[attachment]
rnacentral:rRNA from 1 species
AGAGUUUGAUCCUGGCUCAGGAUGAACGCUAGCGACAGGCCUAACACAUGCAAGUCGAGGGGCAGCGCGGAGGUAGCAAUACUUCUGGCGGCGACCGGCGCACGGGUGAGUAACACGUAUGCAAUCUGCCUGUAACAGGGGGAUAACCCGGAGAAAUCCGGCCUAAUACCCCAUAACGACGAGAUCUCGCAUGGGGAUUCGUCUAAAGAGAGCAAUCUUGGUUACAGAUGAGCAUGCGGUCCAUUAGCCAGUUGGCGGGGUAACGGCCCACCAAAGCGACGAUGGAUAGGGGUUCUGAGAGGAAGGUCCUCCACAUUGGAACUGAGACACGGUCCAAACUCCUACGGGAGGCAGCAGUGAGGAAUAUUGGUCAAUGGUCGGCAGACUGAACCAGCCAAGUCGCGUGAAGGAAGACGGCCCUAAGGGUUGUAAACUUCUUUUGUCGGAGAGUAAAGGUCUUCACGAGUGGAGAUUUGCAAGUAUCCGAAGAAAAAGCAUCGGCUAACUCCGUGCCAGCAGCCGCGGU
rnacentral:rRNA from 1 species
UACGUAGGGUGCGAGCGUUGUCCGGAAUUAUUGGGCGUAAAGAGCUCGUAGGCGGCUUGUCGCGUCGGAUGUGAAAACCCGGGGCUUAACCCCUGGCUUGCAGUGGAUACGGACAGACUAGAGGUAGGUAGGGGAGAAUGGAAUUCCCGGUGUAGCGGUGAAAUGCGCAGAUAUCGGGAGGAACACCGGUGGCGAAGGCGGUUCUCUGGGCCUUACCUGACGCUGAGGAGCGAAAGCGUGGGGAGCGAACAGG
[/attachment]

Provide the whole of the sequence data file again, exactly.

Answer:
rnacentral:rRNA from 1 species
AGAGUUUGAUCCUGGCUCAGGAUGAACGCUAGCGACAGGCCUAACACAUGCAAGUCGAGGGGCAGCGCGGAGGUAGCAAUACUUCUGGCGGCGACCGGCGCACGGGUGAGUAACACGUAUGCAAUCUGCCUGUAACAGGGGGAUAACCCGGAGAAAUCCGGCCUAAUACCCCAUAACGACGAGAUCUCGCAUGGGGAUUCGUCUAAAGAGAGCAAUCUUGGUUACAGAUGAGCAUGCGGUCCAUUAGCCAGUUGGCGGGGUAACGGCCCACCAAAGCGACGAUGGAUAGGGGUUCUGAGAGGAAGGUCCUCCACAUUGGAACUGAGACACGGUCCAAACUCCUACGGGAGGCAGCAGUGAGGAAUAUUGGUCAAUGGUCGGCAGACUGAACCAGCCAAGUCGCGUGAAGGAAGACGGCCCUAAGGGUUGUAAACUUCUUUUGUCGGAGAGUAAAGGUCUUCACGAGUGGAGAUUUGCAAGUAUCCGAAGAAAAAGCAUCGGCUAACUCCGUGCCAGCAGCCGCGGU
rnacentral:rRNA from 1 species
UACGUAGGGUGCGAGCGUUGUCCGGAAUUAUUGGGCGUAAAGAGCUCGUAGGCGGCUUGUCGCGUCGGAUGUGAAAACCCGGGGCUUAACCCCUGGCUUGCAGUGGAUACGGACAGACUAGAGGUAGGUAGGGGAGAAUGGAAUUCCCGGUGUAGCGGUGAAAUGCGCAGAUAUCGGGAGGAACACCGGUGGCGAAGGCGGUUCUCUGGGCCUUACCUGACGCUGAGGAGCGAAAGCGUGGGGAGCGAACAGG